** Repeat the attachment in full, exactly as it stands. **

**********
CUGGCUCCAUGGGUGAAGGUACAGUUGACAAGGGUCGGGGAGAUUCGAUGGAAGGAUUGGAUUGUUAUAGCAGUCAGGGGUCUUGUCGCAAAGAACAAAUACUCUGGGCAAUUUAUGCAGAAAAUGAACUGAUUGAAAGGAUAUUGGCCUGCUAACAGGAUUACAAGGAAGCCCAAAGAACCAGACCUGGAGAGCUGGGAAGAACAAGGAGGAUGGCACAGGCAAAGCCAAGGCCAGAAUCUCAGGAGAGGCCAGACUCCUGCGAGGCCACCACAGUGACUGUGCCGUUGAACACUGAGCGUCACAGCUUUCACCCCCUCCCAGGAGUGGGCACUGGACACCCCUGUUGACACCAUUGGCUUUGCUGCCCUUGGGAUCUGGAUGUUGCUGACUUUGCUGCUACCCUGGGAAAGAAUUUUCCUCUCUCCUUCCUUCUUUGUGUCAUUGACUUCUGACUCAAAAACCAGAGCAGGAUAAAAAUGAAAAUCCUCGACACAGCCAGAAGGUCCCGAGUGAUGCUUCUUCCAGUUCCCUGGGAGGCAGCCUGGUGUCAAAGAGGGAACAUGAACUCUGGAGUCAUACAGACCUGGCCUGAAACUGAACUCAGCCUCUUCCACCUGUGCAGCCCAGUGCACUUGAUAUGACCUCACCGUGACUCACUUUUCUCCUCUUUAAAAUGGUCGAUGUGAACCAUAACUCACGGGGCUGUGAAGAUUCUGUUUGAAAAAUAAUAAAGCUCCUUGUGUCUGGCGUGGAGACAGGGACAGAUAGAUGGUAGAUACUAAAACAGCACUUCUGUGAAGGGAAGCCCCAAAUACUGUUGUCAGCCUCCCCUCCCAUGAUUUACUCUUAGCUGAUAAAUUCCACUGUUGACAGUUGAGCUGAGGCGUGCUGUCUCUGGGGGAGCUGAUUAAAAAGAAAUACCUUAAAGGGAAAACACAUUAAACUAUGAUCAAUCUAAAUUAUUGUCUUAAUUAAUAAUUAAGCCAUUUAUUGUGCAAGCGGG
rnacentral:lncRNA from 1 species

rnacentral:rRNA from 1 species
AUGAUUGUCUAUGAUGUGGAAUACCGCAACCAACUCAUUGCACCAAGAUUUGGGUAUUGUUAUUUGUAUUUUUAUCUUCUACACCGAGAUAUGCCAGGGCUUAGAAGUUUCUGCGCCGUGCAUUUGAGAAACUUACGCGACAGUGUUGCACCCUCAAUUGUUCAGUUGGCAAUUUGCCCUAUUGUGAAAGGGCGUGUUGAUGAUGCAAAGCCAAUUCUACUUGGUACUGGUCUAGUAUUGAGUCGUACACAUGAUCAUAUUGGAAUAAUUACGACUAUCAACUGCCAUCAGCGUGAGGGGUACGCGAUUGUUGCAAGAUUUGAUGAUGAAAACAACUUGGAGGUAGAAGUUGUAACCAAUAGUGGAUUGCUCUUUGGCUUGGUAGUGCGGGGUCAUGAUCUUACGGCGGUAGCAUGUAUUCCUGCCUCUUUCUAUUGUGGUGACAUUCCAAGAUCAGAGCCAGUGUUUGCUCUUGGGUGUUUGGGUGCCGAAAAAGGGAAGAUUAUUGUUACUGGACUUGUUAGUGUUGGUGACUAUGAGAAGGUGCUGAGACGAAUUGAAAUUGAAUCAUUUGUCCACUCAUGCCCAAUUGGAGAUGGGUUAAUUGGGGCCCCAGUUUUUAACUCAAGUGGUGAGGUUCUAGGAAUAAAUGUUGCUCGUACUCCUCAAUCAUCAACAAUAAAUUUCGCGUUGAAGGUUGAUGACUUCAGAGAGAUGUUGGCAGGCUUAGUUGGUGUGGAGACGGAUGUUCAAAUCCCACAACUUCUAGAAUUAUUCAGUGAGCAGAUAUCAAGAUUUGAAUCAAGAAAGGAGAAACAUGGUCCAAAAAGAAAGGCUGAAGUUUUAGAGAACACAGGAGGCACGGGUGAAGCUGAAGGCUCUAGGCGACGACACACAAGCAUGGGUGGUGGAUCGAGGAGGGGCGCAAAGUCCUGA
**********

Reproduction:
CUGGCUCCAUGGGUGAAGGUACAGUUGACAAGGGUCGGGGAGAUUCGAUGGAAGGAUUGGAUUGUUAUAGCAGUCAGGGGUCUUGUCGCAAAGAACAAAUACUCUGGGCAAUUUAUGCAGAAAAUGAACUGAUUGAAAGGAUAUUGGCCUGCUAACAGGAUUACAAGGAAGCCCAAAGAACCAGACCUGGAGAGCUGGGAAGAACAAGGAGGAUGGCACAGGCAAAGCCAAGGCCAGAAUCUCAGGAGAGGCCAGACUCCUGCGAGGCCACCACAGUGACUGUGCCGUUGAACACUGAGCGUCACAGCUUUCACCCCCUCCCAGGAGUGGGCACUGGACACCCCUGUUGACACCAUUGGCUUUGCUGCCCUUGGGAUCUGGAUGUUGCUGACUUUGCUGCUACCCUGGGAAAGAAUUUUCCUCUCUCCUUCCUUCUUUGUGUCAUUGACUUCUGACUCAAAAACCAGAGCAGGAUAAAAAUGAAAAUCCUCGACACAGCCAGAAGGUCCCGAGUGAUGCUUCUUCCAGUUCCCUGGGAGGCAGCCUGGUGUCAAAGAGGGAACAUGAACUCUGGAGUCAUACAGACCUGGCCUGAAACUGAACUCAGCCUCUUCCACCUGUGCAGCCCAGUGCACUUGAUAUGACCUCACCGUGACUCACUUUUCUCCUCUUUAAAAUGGUCGAUGUGAACCAUAACUCACGGGGCUGUGAAGAUUCUGUUUGAAAAAUAAUAAAGCUCCUUGUGUCUGGCGUGGAGACAGGGACAGAUAGAUGGUAGAUACUAAAACAGCACUUCUGUGAAGGGAAGCCCCAAAUACUGUUGUCAGCCUCCCCUCCCAUGAUUUACUCUUAGCUGAUAAAUUCCACUGUUGACAGUUGAGCUGAGGCGUGCUGUCUCUGGGGGAGCUGAUUAAAAAGAAAUACCUUAAAGGGAAAACACAUUAAACUAUGAUCAAUCUAAAUUAUUGUCUUAAUUAAUAAUUAAGCCAUUUAUUGUGCAAGCGGG
rnacentral:lncRNA from 1 species

rnacentral:rRNA from 1 species
AUGAUUGUCUAUGAUGUGGAAUACCGCAACCAACUCAUUGCACCAAGAUUUGGGUAUUGUUAUUUGUAUUUUUAUCUUCUACACCGAGAUAUGCCAGGGCUUAGAAGUUUCUGCGCCGUGCAUUUGAGAAACUUACGCGACAGUGUUGCACCCUCAAUUGUUCAGUUGGCAAUUUGCCCUAUUGUGAAAGGGCGUGUUGAUGAUGCAAAGCCAAUUCUACUUGGUACUGGUCUAGUAUUGAGUCGUACACAUGAUCAUAUUGGAAUAAUUACGACUAUCAACUGCCAUCAGCGUGAGGGGUACGCGAUUGUUGCAAGAUUUGAUGAUGAAAACAACUUGGAGGUAGAAGUUGUAACCAAUAGUGGAUUGCUCUUUGGCUUGGUAGUGCGGGGUCAUGAUCUUACGGCGGUAGCAUGUAUUCCUGCCUCUUUCUAUUGUGGUGACAUUCCAAGAUCAGAGCCAGUGUUUGCUCUUGGGUGUUUGGGUGCCGAAAAAGGGAAGAUUAUUGUUACUGGACUUGUUAGUGUUGGUGACUAUGAGAAGGUGCUGAGACGAAUUGAAAUUGAAUCAUUUGUCCACUCAUGCCCAAUUGGAGAUGGGUUAAUUGGGGCCCCAGUUUUUAACUCAAGUGGUGAGGUUCUAGGAAUAAAUGUUGCUCGUACUCCUCAAUCAUCAACAAUAAAUUUCGCGUUGAAGGUUGAUGACUUCAGAGAGAUGUUGGCAGGCUUAGUUGGUGUGGAGACGGAUGUUCAAAUCCCACAACUUCUAGAAUUAUUCAGUGAGCAGAUAUCAAGAUUUGAAUCAAGAAAGGAGAAACAUGGUCCAAAAAGAAAGGCUGAAGUUUUAGAGAACACAGGAGGCACGGGUGAAGCUGAAGGCUCUAGGCGACGACACACAAGCAUGGGUGGUGGAUCGAGGAGGGGCGCAAAGUCCUGA